By: Brenda Nixon
Among the early words you teach your tot are "thank you." Young
children need prompts like, "What do you say to Aunt Becky?" Hopefully,
over time, it becomes an automatic response. But parents need to
continue teaching an attitude of thanks even to teenagers. As you
celebrate the busy holiday season, utilize every moment as an
opportunity to nurture thankfulness in your child. Incorporate these
free and simple ways into your family life:
Live the Lesson
has been said that we're always teaching; sometimes we use words.
Remember to say "thank you" to others, but more importantly, live a
life of appreciation. Your children are watching their first and most
your child to appreciate the inspiration that surrounds him. Marvel at
the power of the wind, the immensity of the ocean, the perfection of a
snowflake, the night sky, or the rugged beauty of a mountain range.
I've reminded my girls of the saying of Goethe, "Nature is the living,
visible garment of God."
Convert Attitude into Action
small gesture, such as a smile, can lighten the day of the waitress who
hands your child a glass of milk or a hug for the teacher is always
welcome. When a child empties the dishwasher, it is an action of
appreciation for home and food. Thankfulness is also expressed through
homemade cards and drawings. To appreciate their classroom teachers, my
girls and I always made little gifts for them at the holidays.
Discover Dictionary Descriptions
we have our own terms to explain thankfulness, it helps to see new
definitions. Go to the library and see what a variety of dictionaries
say about the word. I like what The Webster's Dictionary
"Impressed with a sense of kindness received," because it takes the
focus off a material possession and puts it on an attitude.
researching for this article, I found websites that offer all types of
quotes. A humorous one about thanks comes from Woody Allen, "I am
thankful for laughter, except when milk comes out of my nose."
Contrast Your Family with Folks Less Fortunate
your child see that there are those in your community who aren't as
blessed: families without homes, people who are sad and living alone,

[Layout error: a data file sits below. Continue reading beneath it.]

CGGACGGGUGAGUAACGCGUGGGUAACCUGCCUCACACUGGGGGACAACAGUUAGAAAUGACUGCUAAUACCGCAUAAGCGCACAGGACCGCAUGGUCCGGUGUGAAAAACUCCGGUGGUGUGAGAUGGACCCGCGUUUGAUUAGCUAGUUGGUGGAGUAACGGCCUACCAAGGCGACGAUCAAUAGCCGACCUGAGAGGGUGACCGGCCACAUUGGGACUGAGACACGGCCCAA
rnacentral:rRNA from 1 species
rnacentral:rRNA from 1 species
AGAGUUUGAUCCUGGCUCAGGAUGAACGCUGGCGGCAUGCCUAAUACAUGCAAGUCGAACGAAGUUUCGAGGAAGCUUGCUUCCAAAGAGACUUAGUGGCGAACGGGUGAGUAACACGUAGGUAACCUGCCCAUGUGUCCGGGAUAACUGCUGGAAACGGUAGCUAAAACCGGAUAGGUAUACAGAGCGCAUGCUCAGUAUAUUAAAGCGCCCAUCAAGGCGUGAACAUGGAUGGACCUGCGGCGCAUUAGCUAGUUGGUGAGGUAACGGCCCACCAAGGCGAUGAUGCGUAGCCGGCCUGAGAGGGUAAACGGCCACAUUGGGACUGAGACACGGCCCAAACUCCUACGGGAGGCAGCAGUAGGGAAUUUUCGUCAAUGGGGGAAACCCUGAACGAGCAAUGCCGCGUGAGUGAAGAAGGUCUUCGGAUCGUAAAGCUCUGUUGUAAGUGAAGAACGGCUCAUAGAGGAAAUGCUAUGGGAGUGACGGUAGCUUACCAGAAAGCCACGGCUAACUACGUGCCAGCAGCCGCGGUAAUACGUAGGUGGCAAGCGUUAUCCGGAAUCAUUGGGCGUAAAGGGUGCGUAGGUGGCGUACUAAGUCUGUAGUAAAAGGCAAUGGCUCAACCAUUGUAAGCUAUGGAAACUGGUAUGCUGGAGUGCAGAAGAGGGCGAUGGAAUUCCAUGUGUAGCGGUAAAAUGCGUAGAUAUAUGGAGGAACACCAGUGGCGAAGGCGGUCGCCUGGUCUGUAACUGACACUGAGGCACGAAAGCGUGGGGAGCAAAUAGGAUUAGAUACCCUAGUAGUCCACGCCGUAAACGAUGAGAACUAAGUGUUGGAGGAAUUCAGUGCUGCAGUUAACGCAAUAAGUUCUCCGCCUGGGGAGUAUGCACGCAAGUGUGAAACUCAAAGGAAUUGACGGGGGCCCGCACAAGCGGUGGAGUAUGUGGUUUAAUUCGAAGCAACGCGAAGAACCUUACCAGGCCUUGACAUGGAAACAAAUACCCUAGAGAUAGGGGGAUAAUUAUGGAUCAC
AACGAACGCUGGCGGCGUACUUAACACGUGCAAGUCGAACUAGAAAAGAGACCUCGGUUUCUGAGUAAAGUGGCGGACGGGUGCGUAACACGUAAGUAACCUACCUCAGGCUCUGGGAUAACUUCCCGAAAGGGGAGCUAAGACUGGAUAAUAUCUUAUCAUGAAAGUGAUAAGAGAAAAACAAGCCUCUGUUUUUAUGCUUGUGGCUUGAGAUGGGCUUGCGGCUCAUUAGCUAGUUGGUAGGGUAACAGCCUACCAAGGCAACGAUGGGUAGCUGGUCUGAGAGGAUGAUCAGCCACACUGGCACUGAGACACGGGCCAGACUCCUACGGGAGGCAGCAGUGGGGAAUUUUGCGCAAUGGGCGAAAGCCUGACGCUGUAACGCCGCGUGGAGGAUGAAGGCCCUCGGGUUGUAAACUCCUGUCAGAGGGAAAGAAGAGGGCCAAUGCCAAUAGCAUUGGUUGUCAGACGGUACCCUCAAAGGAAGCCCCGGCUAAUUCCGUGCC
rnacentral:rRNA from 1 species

or those who must go to food kitchens to eat. When my daughters were
young, one of our family traditions was to serve a meal to the
homeless. My husband, two daughters, and I spent one evening at a
rescue mission every Autumn. After seeing the faces of those accepting
a plate of food and their expressions of thanks, my daughters quickly
appreciated going back home to their safe, cozy bedrooms.
Make a Medley of Thankfulness
a pile of old magazines. Encourage your child to look through the pages
and cut out pictures of things for which they are thankful. Glue these
on one page, overlapping pictures. Soon your child will have a visual
reminder of the blessings in his life.
Pen a Poem of Thankfulness
with your child, try to write words that rhyme with thanks, gratitude
or thankful. This can be a fun, language learning time also.
Practice Gratitude Permanently
thanks and appreciation need not end with this time of year. I believe
letter writing is becoming a lost art. Help your child write thank you
notes for their Christmas gifts. Preschoolers can dictate to you their
gratitude or express thanks by drawing a picture of their appreciation
for their gift-giver. Find opportunities during this upcoming year to
reinforce your lesson. For more ideas on teaching children about good
manners and attitudes go to mannersoftheheart.com
a parent, I hope my children learn to be thankful by the way I live my
life before them. After all, as William Bennett said in his book, The Moral Compass: Stories for a Life's Journey
, "Sometimes we need to remind ourselves that thankfulness is indeed a virtue."
As a parenting speaker, educator, and
author Brenda Nixon desires to build stronger families through parent
empowerment. For free tips, articles, her books, tapes, and speaking
topics go to brendanixon.com
*Article reprinted with permission from the author Brenda Nixon
Labels: Parenting, Thanksgiving